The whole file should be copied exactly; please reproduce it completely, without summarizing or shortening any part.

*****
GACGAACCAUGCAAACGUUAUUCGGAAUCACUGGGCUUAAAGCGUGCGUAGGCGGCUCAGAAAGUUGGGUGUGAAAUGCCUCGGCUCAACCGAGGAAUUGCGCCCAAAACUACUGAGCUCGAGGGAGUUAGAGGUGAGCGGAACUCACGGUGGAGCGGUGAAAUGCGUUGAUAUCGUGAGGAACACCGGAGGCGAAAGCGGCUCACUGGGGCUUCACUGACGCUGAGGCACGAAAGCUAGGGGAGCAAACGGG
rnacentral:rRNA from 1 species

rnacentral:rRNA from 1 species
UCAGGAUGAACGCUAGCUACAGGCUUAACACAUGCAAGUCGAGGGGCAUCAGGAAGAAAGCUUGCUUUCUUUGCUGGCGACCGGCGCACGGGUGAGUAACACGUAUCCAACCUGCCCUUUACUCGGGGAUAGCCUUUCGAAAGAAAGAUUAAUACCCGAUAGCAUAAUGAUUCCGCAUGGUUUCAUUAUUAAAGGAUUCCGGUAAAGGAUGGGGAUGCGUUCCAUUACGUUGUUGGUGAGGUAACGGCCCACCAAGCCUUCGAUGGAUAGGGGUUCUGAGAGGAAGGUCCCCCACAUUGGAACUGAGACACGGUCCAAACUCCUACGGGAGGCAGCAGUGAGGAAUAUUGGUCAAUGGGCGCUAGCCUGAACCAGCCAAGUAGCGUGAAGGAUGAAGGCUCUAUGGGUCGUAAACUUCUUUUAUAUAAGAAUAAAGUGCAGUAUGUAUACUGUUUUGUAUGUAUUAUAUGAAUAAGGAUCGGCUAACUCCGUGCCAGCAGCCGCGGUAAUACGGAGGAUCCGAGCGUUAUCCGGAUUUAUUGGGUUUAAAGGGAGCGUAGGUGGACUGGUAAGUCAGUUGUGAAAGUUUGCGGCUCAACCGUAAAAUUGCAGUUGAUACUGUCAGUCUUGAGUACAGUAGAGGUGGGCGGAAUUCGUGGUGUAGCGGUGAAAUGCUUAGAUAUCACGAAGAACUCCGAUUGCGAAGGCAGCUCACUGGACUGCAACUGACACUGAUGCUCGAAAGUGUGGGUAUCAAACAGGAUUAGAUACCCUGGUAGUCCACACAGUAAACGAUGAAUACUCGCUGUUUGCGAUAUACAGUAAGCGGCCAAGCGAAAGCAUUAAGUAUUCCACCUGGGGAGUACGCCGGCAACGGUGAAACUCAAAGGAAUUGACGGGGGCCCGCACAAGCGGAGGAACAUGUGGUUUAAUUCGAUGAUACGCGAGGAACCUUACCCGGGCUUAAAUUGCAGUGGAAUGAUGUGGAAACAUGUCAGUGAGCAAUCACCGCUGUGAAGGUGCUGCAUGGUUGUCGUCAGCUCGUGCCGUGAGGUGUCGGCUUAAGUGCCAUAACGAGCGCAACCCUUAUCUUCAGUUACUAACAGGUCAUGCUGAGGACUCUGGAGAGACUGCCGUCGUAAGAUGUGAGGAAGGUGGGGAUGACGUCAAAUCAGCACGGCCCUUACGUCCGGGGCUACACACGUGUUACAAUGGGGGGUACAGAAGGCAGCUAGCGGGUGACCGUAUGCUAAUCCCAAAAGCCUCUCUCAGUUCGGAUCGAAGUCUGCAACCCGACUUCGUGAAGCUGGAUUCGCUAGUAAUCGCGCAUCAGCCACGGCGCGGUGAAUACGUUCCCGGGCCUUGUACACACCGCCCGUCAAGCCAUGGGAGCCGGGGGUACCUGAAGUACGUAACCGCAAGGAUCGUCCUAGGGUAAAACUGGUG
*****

GACGAACCAUGCAAACGUUAUUCGGAAUCACUGGGCUUAAAGCGUGCGUAGGCGGCUCAGAAAGUUGGGUGUGAAAUGCCUCGGCUCAACCGAGGAAUUGCGCCCAAAACUACUGAGCUCGAGGGAGUUAGAGGUGAGCGGAACUCACGGUGGAGCGGUGAAAUGCGUUGAUAUCGUGAGGAACACCGGAGGCGAAAGCGGCUCACUGGGGCUUCACUGACGCUGAGGCACGAAAGCUAGGGGAGCAAACGGG
rnacentral:rRNA from 1 species

rnacentral:rRNA from 1 species
UCAGGAUGAACGCUAGCUACAGGCUUAACACAUGCAAGUCGAGGGGCAUCAGGAAGAAAGCUUGCUUUCUUUGCUGGCGACCGGCGCACGGGUGAGUAACACGUAUCCAACCUGCCCUUUACUCGGGGAUAGCCUUUCGAAAGAAAGAUUAAUACCCGAUAGCAUAAUGAUUCCGCAUGGUUUCAUUAUUAAAGGAUUCCGGUAAAGGAUGGGGAUGCGUUCCAUUACGUUGUUGGUGAGGUAACGGCCCACCAAGCCUUCGAUGGAUAGGGGUUCUGAGAGGAAGGUCCCCCACAUUGGAACUGAGACACGGUCCAAACUCCUACGGGAGGCAGCAGUGAGGAAUAUUGGUCAAUGGGCGCUAGCCUGAACCAGCCAAGUAGCGUGAAGGAUGAAGGCUCUAUGGGUCGUAAACUUCUUUUAUAUAAGAAUAAAGUGCAGUAUGUAUACUGUUUUGUAUGUAUUAUAUGAAUAAGGAUCGGCUAACUCCGUGCCAGCAGCCGCGGUAAUACGGAGGAUCCGAGCGUUAUCCGGAUUUAUUGGGUUUAAAGGGAGCGUAGGUGGACUGGUAAGUCAGUUGUGAAAGUUUGCGGCUCAACCGUAAAAUUGCAGUUGAUACUGUCAGUCUUGAGUACAGUAGAGGUGGGCGGAAUUCGUGGUGUAGCGGUGAAAUGCUUAGAUAUCACGAAGAACUCCGAUUGCGAAGGCAGCUCACUGGACUGCAACUGACACUGAUGCUCGAAAGUGUGGGUAUCAAACAGGAUUAGAUACCCUGGUAGUCCACACAGUAAACGAUGAAUACUCGCUGUUUGCGAUAUACAGUAAGCGGCCAAGCGAAAGCAUUAAGUAUUCCACCUGGGGAGUACGCCGGCAACGGUGAAACUCAAAGGAAUUGACGGGGGCCCGCACAAGCGGAGGAACAUGUGGUUUAAUUCGAUGAUACGCGAGGAACCUUACCCGGGCUUAAAUUGCAGUGGAAUGAUGUGGAAACAUGUCAGUGAGCAAUCACCGCUGUGAAGGUGCUGCAUGGUUGUCGUCAGCUCGUGCCGUGAGGUGUCGGCUUAAGUGCCAUAACGAGCGCAACCCUUAUCUUCAGUUACUAACAGGUCAUGCUGAGGACUCUGGAGAGACUGCCGUCGUAAGAUGUGAGGAAGGUGGGGAUGACGUCAAAUCAGCACGGCCCUUACGUCCGGGGCUACACACGUGUUACAAUGGGGGGUACAGAAGGCAGCUAGCGGGUGACCGUAUGCUAAUCCCAAAAGCCUCUCUCAGUUCGGAUCGAAGUCUGCAACCCGACUUCGUGAAGCUGGAUUCGCUAGUAAUCGCGCAUCAGCCACGGCGCGGUGAAUACGUUCCCGGGCCUUGUACACACCGCCCGUCAAGCCAUGGGAGCCGGGGGUACCUGAAGUACGUAACCGCAAGGAUCGUCCUAGGGUAAAACUGGUG